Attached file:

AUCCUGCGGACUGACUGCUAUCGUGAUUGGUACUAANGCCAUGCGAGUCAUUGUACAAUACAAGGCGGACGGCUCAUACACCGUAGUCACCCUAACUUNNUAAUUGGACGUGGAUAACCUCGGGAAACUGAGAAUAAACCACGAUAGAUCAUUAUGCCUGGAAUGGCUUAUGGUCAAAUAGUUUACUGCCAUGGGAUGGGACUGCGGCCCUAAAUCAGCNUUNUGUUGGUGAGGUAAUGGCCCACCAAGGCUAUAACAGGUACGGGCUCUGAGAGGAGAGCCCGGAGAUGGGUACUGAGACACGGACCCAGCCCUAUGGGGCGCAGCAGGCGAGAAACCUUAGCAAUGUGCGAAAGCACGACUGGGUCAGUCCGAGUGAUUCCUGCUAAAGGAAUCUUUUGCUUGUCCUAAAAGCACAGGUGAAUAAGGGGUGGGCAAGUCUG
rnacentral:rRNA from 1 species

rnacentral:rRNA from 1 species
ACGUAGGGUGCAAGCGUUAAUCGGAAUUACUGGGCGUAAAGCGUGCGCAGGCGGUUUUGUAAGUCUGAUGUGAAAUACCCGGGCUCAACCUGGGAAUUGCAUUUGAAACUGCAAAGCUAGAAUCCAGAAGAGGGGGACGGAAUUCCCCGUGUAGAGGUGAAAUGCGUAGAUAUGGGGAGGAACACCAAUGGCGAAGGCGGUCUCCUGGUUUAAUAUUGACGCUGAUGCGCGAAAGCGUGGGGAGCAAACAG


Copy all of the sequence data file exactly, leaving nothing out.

AUCCUGCGGACUGACUGCUAUCGUGAUUGGUACUAANGCCAUGCGAGUCAUUGUACAAUACAAGGCGGACGGCUCAUACACCGUAGUCACCCUAACUUNNUAAUUGGACGUGGAUAACCUCGGGAAACUGAGAAUAAACCACGAUAGAUCAUUAUGCCUGGAAUGGCUUAUGGUCAAAUAGUUUACUGCCAUGGGAUGGGACUGCGGCCCUAAAUCAGCNUUNUGUUGGUGAGGUAAUGGCCCACCAAGGCUAUAACAGGUACGGGCUCUGAGAGGAGAGCCCGGAGAUGGGUACUGAGACACGGACCCAGCCCUAUGGGGCGCAGCAGGCGAGAAACCUUAGCAAUGUGCGAAAGCACGACUGGGUCAGUCCGAGUGAUUCCUGCUAAAGGAAUCUUUUGCUUGUCCUAAAAGCACAGGUGAAUAAGGGGUGGGCAAGUCUG
rnacentral:rRNA from 1 species

rnacentral:rRNA from 1 species
ACGUAGGGUGCAAGCGUUAAUCGGAAUUACUGGGCGUAAAGCGUGCGCAGGCGGUUUUGUAAGUCUGAUGUGAAAUACCCGGGCUCAACCUGGGAAUUGCAUUUGAAACUGCAAAGCUAGAAUCCAGAAGAGGGGGACGGAAUUCCCCGUGUAGAGGUGAAAUGCGUAGAUAUGGGGAGGAACACCAAUGGCGAAGGCGGUCUCCUGGUUUAAUAUUGACGCUGAUGCGCGAAAGCGUGGGGAGCAAACAG